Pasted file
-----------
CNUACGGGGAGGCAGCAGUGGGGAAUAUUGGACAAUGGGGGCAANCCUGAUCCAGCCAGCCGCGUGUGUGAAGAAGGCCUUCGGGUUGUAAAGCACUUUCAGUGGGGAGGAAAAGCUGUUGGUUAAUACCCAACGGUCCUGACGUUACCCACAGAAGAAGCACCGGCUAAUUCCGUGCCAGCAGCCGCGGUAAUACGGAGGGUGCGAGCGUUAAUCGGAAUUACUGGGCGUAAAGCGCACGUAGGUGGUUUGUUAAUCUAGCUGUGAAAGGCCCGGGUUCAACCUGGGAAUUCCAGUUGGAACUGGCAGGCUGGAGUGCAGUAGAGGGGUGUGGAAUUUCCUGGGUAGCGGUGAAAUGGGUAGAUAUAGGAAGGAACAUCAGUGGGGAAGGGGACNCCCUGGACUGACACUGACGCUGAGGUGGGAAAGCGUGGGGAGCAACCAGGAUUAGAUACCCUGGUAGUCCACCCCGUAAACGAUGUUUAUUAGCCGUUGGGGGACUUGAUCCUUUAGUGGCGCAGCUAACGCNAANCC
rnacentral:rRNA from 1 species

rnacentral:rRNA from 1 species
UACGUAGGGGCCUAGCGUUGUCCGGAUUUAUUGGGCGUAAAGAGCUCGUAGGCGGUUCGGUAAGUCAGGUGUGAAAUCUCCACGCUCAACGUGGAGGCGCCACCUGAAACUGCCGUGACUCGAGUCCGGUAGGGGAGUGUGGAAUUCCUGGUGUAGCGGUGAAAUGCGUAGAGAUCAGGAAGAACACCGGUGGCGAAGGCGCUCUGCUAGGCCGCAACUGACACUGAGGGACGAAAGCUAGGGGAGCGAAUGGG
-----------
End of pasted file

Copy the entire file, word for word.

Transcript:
CNUACGGGGAGGCAGCAGUGGGGAAUAUUGGACAAUGGGGGCAANCCUGAUCCAGCCAGCCGCGUGUGUGAAGAAGGCCUUCGGGUUGUAAAGCACUUUCAGUGGGGAGGAAAAGCUGUUGGUUAAUACCCAACGGUCCUGACGUUACCCACAGAAGAAGCACCGGCUAAUUCCGUGCCAGCAGCCGCGGUAAUACGGAGGGUGCGAGCGUUAAUCGGAAUUACUGGGCGUAAAGCGCACGUAGGUGGUUUGUUAAUCUAGCUGUGAAAGGCCCGGGUUCAACCUGGGAAUUCCAGUUGGAACUGGCAGGCUGGAGUGCAGUAGAGGGGUGUGGAAUUUCCUGGGUAGCGGUGAAAUGGGUAGAUAUAGGAAGGAACAUCAGUGGGGAAGGGGACNCCCUGGACUGACACUGACGCUGAGGUGGGAAAGCGUGGGGAGCAACCAGGAUUAGAUACCCUGGUAGUCCACCCCGUAAACGAUGUUUAUUAGCCGUUGGGGGACUUGAUCCUUUAGUGGCGCAGCUAACGCNAANCC
rnacentral:rRNA from 1 species

rnacentral:rRNA from 1 species
UACGUAGGGGCCUAGCGUUGUCCGGAUUUAUUGGGCGUAAAGAGCUCGUAGGCGGUUCGGUAAGUCAGGUGUGAAAUCUCCACGCUCAACGUGGAGGCGCCACCUGAAACUGCCGUGACUCGAGUCCGGUAGGGGAGUGUGGAAUUCCUGGUGUAGCGGUGAAAUGCGUAGAGAUCAGGAAGAACACCGGUGGCGAAGGCGCUCUGCUAGGCCGCAACUGACACUGAGGGACGAAAGCUAGGGGAGCGAAUGGG